Recent upticks in interest rates don’t bode well for bond exchange traded fund investors. As Treasury yields rise, income-seeking investors still have a few investment choices in not-so-obvious areas of the market.
“While the aggressive jump in bond yields over the past few weeks has spooked global markets, Paulsen, chief investment strategist at Wells Capital Management, said the underlying characteristics behind the recent uptick should help soothe jittery investors. The main crux of his argument is rising consumer confidence has accompanied the boost in bond yields, which historically is a bullish development,” Steven Russolillo wrote for The WSJ.
Betting against bonds may be the best way to play rising interest rates, reports James Brumley for InvestorPlace.
The ProShares Short High Yield ETF (SJB) has earned more than $6.2 million in new assets, while SPDR Barclays Capital High Yield Bond (JNK) has seen outflows of $1.2 billion as investors are shift into bond ETFs with a shorter duration. Another way to short the bond market is through the ProShares Short 20+Year Treasury ETF (TBF) . TBF is the most liquid of the bond funds and has the largest asset pool, reports Brumley. [Bearish Short ETFs for a Pullback in Stocks]
Of course, it should be noted that leveraged and inverse ETFs are designed for traders rather than buy-and-hold investors.
“SJB told a different story in the month of May when it raked in almost $6.2 million in new assets. That may not sound like much, but consider that the ETF had just $45.3 million in assets at the end of the first quarter and $6.2 million in one month is a tidy haul,” Benzinga wrote. [Two High-Yield Bond ETFs for Rising Rates]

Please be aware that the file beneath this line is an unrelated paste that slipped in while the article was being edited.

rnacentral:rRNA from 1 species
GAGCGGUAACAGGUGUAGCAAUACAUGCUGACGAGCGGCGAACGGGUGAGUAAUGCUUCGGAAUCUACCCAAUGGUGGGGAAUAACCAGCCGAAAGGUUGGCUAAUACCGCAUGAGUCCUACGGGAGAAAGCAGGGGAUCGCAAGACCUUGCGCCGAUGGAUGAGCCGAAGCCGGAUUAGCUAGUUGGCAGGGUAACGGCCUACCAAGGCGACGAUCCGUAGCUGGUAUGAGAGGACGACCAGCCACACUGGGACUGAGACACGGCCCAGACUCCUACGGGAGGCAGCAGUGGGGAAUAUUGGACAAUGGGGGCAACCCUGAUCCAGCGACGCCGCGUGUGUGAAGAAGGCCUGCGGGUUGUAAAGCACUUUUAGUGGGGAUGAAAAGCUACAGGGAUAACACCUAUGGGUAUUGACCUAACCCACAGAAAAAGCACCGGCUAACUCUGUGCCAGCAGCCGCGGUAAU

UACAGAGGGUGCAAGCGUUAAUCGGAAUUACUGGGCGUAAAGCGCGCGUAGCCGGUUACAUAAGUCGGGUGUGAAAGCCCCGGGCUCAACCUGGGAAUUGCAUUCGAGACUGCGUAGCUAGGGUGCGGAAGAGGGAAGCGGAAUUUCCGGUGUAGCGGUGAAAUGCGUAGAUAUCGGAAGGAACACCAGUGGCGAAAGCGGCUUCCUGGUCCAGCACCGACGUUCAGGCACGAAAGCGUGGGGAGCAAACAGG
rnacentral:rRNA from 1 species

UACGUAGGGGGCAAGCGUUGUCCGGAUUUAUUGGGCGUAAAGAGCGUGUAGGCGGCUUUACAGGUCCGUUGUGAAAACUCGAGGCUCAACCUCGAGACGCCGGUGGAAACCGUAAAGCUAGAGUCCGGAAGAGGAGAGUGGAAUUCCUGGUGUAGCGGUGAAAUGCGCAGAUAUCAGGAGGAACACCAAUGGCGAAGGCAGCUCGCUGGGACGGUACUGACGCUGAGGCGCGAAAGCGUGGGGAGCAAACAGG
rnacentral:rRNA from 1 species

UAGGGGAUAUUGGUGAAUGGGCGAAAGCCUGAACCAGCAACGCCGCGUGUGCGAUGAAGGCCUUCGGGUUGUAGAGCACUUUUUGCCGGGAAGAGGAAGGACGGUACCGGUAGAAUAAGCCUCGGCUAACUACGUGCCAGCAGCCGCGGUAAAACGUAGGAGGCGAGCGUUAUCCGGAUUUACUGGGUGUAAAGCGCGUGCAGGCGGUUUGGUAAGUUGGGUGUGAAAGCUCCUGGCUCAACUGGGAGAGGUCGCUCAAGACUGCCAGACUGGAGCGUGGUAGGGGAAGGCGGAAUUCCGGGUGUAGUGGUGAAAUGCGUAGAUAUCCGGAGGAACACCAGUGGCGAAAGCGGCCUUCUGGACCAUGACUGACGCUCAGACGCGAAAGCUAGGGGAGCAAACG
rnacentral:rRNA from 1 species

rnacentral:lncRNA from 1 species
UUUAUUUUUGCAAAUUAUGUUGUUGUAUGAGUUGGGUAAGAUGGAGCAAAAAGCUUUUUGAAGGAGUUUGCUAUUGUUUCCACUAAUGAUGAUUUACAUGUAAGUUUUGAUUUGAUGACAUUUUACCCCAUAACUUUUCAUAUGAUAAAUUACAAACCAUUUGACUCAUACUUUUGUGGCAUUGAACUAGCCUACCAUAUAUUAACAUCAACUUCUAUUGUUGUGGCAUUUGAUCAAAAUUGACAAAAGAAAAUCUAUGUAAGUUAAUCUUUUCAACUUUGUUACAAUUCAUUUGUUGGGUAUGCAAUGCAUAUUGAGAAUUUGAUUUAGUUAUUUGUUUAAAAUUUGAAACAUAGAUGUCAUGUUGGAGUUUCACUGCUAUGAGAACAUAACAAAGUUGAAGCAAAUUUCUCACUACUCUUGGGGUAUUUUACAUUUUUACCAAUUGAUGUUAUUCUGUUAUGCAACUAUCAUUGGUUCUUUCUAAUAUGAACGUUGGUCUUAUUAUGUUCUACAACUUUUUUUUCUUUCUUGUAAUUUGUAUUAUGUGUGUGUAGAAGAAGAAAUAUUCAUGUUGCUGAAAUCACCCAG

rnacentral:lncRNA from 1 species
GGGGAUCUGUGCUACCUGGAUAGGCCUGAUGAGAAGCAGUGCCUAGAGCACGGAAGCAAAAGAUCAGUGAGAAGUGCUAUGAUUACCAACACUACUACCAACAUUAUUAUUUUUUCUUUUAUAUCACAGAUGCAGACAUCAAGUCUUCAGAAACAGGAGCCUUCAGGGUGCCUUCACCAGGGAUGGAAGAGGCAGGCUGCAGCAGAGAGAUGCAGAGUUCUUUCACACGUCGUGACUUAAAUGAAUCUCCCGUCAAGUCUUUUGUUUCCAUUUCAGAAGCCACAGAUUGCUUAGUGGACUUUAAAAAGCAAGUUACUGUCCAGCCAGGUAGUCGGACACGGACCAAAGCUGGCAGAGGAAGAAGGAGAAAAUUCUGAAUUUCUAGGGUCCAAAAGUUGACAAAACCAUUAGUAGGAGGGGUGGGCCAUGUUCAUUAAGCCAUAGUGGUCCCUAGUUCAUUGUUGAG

“The price on the 10-year Treasury note increased 18/32 to 93 22/32. The yield fell to 2.47 percent, from 2.54 percent late Wednesday. The yield climbed to 2.66 percent on Monday, the highest since August 2011. The rate has surged since May 3, when it touched 1.63 percent, its low for the year. Concern that the Fed is poised to start pulling back on its stimulus prompted investors to sell bonds, pushing the yield higher,” Associated Press reported. [Short ETFs for Rising Interest Rates]
Investors are paring back on fixed income holdings since yields are likely to rise more in the second half of 2013. As the Federal Reserve is pulling back on monetary stimulus, the outlook for yields is to just keep going higher.[Are Treasury ETFs Riskier Than Stocks?]
Tisha Guerrero contributed to this article.
The opinions and forecasts expressed herein are solely those of Tom Lydon, and may not actually come to pass. Information on this site should not be used or construed as an offer to sell, a solicitation of an offer to buy, or a recommendation for any product.